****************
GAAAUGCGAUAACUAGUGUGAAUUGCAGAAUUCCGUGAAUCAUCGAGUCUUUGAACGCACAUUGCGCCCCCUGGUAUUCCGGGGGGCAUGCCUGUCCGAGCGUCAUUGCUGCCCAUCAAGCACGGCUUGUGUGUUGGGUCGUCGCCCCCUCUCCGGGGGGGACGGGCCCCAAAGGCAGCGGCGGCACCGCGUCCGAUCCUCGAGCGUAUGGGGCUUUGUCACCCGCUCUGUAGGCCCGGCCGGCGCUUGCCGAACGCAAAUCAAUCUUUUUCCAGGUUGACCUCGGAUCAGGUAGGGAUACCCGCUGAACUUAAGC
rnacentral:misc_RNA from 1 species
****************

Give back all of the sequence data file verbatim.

GAAAUGCGAUAACUAGUGUGAAUUGCAGAAUUCCGUGAAUCAUCGAGUCUUUGAACGCACAUUGCGCCCCCUGGUAUUCCGGGGGGCAUGCCUGUCCGAGCGUCAUUGCUGCCCAUCAAGCACGGCUUGUGUGUUGGGUCGUCGCCCCCUCUCCGGGGGGGACGGGCCCCAAAGGCAGCGGCGGCACCGCGUCCGAUCCUCGAGCGUAUGGGGCUUUGUCACCCGCUCUGUAGGCCCGGCCGGCGCUUGCCGAACGCAAAUCAAUCUUUUUCCAGGUUGACCUCGGAUCAGGUAGGGAUACCCGCUGAACUUAAGC
rnacentral:misc_RNA from 1 species